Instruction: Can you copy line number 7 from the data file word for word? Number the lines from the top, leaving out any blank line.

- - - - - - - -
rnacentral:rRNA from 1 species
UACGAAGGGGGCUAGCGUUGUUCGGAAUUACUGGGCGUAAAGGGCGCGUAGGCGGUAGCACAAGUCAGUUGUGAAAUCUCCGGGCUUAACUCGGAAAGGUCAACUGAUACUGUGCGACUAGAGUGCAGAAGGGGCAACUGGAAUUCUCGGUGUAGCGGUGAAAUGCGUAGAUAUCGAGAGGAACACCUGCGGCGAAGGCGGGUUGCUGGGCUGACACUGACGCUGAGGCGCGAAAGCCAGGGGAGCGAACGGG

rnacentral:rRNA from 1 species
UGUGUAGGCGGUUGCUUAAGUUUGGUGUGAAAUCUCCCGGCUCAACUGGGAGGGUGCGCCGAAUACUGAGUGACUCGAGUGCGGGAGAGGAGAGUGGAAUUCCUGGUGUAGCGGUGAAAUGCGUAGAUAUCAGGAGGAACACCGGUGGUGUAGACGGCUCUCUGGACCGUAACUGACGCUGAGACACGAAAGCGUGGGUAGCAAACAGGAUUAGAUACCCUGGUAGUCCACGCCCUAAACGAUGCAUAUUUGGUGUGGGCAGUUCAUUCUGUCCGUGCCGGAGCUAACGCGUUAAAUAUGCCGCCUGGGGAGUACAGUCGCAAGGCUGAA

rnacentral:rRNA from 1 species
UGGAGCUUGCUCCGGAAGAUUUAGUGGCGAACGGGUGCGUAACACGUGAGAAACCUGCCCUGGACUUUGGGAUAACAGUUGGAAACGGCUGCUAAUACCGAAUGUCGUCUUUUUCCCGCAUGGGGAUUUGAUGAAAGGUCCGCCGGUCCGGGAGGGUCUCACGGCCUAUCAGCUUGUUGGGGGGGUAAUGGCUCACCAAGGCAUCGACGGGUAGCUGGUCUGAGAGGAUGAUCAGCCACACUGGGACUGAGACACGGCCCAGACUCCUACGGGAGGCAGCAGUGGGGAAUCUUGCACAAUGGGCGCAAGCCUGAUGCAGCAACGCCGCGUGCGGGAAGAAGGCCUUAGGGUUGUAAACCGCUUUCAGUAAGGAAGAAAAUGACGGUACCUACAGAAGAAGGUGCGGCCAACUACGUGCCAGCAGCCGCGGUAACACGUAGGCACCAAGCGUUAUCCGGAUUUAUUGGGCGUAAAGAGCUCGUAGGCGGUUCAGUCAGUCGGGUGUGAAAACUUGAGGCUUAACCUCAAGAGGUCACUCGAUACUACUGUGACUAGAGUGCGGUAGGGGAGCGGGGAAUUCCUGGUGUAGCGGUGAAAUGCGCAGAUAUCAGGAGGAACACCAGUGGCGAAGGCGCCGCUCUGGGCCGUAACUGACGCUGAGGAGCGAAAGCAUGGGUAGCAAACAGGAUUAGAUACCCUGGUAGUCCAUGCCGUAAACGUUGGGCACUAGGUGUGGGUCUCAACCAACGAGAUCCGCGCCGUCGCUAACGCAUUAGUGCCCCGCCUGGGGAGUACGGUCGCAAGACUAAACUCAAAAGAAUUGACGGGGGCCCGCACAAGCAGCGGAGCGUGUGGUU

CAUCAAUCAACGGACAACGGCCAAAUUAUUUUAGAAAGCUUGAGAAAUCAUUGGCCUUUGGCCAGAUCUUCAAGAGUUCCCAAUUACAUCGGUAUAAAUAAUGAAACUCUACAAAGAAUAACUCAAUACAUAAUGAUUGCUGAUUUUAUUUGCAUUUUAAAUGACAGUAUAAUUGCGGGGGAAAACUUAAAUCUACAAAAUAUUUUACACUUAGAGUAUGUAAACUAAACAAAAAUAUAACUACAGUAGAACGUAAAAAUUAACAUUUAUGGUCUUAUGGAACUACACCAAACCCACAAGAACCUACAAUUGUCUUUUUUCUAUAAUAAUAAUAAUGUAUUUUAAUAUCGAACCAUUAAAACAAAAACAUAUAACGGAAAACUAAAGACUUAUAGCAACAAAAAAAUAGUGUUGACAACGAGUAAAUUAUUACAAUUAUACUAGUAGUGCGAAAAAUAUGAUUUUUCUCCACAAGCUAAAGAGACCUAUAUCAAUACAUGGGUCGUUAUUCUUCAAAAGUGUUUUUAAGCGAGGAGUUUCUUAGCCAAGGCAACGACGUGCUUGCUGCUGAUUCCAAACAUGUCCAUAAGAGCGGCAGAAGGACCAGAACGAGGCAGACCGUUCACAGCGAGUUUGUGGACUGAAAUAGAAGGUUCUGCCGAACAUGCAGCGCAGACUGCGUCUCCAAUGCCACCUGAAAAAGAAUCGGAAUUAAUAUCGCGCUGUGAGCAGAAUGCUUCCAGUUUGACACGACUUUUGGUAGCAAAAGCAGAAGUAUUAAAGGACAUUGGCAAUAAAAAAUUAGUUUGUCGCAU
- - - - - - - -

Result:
CAUCAAUCAACGGACAACGGCCAAAUUAUUUUAGAAAGCUUGAGAAAUCAUUGGCCUUUGGCCAGAUCUUCAAGAGUUCCCAAUUACAUCGGUAUAAAUAAUGAAACUCUACAAAGAAUAACUCAAUACAUAAUGAUUGCUGAUUUUAUUUGCAUUUUAAAUGACAGUAUAAUUGCGGGGGAAAACUUAAAUCUACAAAAUAUUUUACACUUAGAGUAUGUAAACUAAACAAAAAUAUAACUACAGUAGAACGUAAAAAUUAACAUUUAUGGUCUUAUGGAACUACACCAAACCCACAAGAACCUACAAUUGUCUUUUUUCUAUAAUAAUAAUAAUGUAUUUUAAUAUCGAACCAUUAAAACAAAAACAUAUAACGGAAAACUAAAGACUUAUAGCAACAAAAAAAUAGUGUUGACAACGAGUAAAUUAUUACAAUUAUACUAGUAGUGCGAAAAAUAUGAUUUUUCUCCACAAGCUAAAGAGACCUAUAUCAAUACAUGGGUCGUUAUUCUUCAAAAGUGUUUUUAAGCGAGGAGUUUCUUAGCCAAGGCAACGACGUGCUUGCUGCUGAUUCCAAACAUGUCCAUAAGAGCGGCAGAAGGACCAGAACGAGGCAGACCGUUCACAGCGAGUUUGUGGACUGAAAUAGAAGGUUCUGCCGAACAUGCAGCGCAGACUGCGUCUCCAAUGCCACCUGAAAAAGAAUCGGAAUUAAUAUCGCGCUGUGAGCAGAAUGCUUCCAGUUUGACACGACUUUUGGUAGCAAAAGCAGAAGUAUUAAAGGACAUUGGCAAUAAAAAAUUAGUUUGUCGCAU